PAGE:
Originally Posted by JimWilson
If you would take the time to read my comments -- not read into them -- you'd see it's obvious that's not what I'm purporting. I merely said using numbers alone is a poor way of making a judgement, and that your own ears play as big a factor as anything else. Who gives a d@mn if the numbers are glowing, yet the sound isn't to your liking? When you show off that shiny new HT system and your friends go "why does it sound like that?" what are you going to do, pull out a chart and say "the numbers tell me it's great!"? I've said this to you countless times; numbers matter, no question about it, but they aren't the only factor. That goes for anything, not just HT.The great reviews are 90% subjective and 10% objective.
My reviews are only good at this point, because I cover the 90% part. But that's only for now; the other 10% will come when I can do it as well as the rest of it.
Jim, sorry to hear about your mother. I'm sure she is in good hands.
You still have not answered the question; do you believe that a subwoofer can measure well in the critical areas of extension, output, flat frequency response, and low distortion (at progressively higher output levels), and not sound good?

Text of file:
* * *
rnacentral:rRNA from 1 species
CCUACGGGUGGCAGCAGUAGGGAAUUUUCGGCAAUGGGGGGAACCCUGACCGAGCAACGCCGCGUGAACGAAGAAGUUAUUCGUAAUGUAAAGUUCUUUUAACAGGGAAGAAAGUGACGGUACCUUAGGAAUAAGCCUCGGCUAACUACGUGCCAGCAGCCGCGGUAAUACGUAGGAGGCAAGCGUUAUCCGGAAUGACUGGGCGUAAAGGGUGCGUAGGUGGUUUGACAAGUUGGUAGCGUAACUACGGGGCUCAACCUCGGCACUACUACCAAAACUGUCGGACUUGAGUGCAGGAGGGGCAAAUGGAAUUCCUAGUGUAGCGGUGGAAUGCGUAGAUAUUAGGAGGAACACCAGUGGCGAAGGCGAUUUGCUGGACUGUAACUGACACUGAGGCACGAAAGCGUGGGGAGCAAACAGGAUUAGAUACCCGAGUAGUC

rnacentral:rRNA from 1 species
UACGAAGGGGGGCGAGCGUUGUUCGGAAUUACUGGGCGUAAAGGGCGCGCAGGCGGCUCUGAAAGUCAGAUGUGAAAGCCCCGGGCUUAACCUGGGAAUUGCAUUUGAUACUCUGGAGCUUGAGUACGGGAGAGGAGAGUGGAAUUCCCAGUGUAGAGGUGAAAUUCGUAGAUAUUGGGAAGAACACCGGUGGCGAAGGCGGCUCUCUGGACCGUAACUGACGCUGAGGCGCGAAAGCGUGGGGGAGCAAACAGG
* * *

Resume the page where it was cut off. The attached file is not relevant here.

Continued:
So, you think Chad Kuypers got a lousy review of the Epik Conquest? I know Chad doesn't think so. I have a copy of the comments he made after Tom Nousaine issued his review. Chad said:
"Tom Nousaine recently measured and tested our flagship subwoofer, the Conquest. He has been reviewing subwoofers for many years and has earned a reputation as an incredibly knowledgeable reviewer. We were excited to see how our flagship subwoofer stacked up alongside of the best subwoofers he has ever measured."
What Chad does is more clearly present how the Conquest compares with 2 of the highest rated/highest performing subs Tom ever tested, the $15,000 Velodyne DD-1812 and the $10,000 Genelec HTS-6.
Tom summarizes his test of the Conquest by saying:
"This system has Herculean SPL capability compared with most other products available. The sole exception of course is the Eminent Technology rotary fan subwoofer that costs $13,000 and has an upper bandwith limit of 25Hz. The uniformity of the Conquest dynamic capability exceeds that of any commercial products I've ever measured."
Chad was pretty happy that his $1,600 offering could compete very successfully with subs costing 6 or 9 times the price (of the Conquest). Maybe someone here can arrange a head to head comparison of the Conquest to the finished EbenLee ELA 3 that sells for $1,600. One thing is for certain, the ELA3 will win the cabinet finish comparison.
I guess Gene DellaSala at Audioholics doesn't agree with your 90% subjective, 10% objective notion. Josh Ricci is doing a great job and the numbers play a large part in Josh's reviews.
In Josh's recent test of the $9,000 Paradigm Sub 2 the measurements take up twice as much of the review
as the listening section of the review.